U.S. Pat. No. 5,860,947 discloses the use of a hypodermic syringe with a two way syringe fitted with a check valve which may be filled via a short fill stem which has been dipped into a sterile basin of fluid to be used during irrigation of a wound. With this particular device, the user must still open a bottle of saline and fill a sterile basin with fluid to use the device. U.S. Pat. No. 5,931,820 discloses a device for irrigating wounds and for gastric lavage which utilized a connector with a spiked end which is adopted to be received into a self-sealing outlet of a compressible bag of cleansing fluid which fluid may the be dispersed to the wound via an elongate tube.
U.S. Pat. No. 5,941,859 discloses the use of a specialized domed shaped splash shield which is provided with a high pressure nozzle and an aperture for effluent disposed after washing a wound site. U.S. Pat. Nos. 6,050,981 and 6,093,182 disclose the use of a hypodermic device which is threadedly secured to a square wound cover which may be used to irrigate a wound. The device may also be provided with a pump type device, yet the pump is only connected to a bladder containing fluid.
U.S. Pat. No. 6,186,988 discloses a wound irrigation system having a housing with a water filter and an antibiotic, which is connected between a water supply and a hand spray unit. A water temperature display is also provided to assist in mixing the proper temperature of water directed to flow into the wound area.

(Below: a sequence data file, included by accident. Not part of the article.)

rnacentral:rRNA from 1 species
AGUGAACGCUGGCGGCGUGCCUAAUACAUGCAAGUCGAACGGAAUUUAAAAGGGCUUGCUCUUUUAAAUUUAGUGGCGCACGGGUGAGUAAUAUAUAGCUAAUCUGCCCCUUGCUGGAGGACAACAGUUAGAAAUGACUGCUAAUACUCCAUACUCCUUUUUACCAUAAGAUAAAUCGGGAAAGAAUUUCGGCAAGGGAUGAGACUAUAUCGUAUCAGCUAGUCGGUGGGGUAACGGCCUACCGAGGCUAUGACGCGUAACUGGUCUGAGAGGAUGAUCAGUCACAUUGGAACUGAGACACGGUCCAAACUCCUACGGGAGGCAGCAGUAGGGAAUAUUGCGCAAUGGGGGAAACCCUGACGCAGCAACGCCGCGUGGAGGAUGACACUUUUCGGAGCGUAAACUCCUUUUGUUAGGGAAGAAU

U.S. Pat. No. 6,293,929 discloses a specialized splash shield having two components, with a more rigid first portion connected to the fluid source and being domed shape in configuration, and a second portion being more flexible and being ring shaped and fitting onto the end of the first rigid portion of the splash shield. Similarly in U.S. Pat. No. 6,402,724 is disclosed a fluid irrigation system with a two portion splash shield wherein the domed portion of the shield is more rigid while the ring shaped second portion is flexible and body conforming to retain fluid within the splash shield. A drain tube is provided along the rim portion of the device. U.S. Pat. No. 6,332,876 discloses a compressible syringe which is provided with bellows with the rearward frusto-conical bellow walls being thicker than the forward frusto-conical bellow walls. Such a bellows type syringe may be utilized for irrigation of wounds.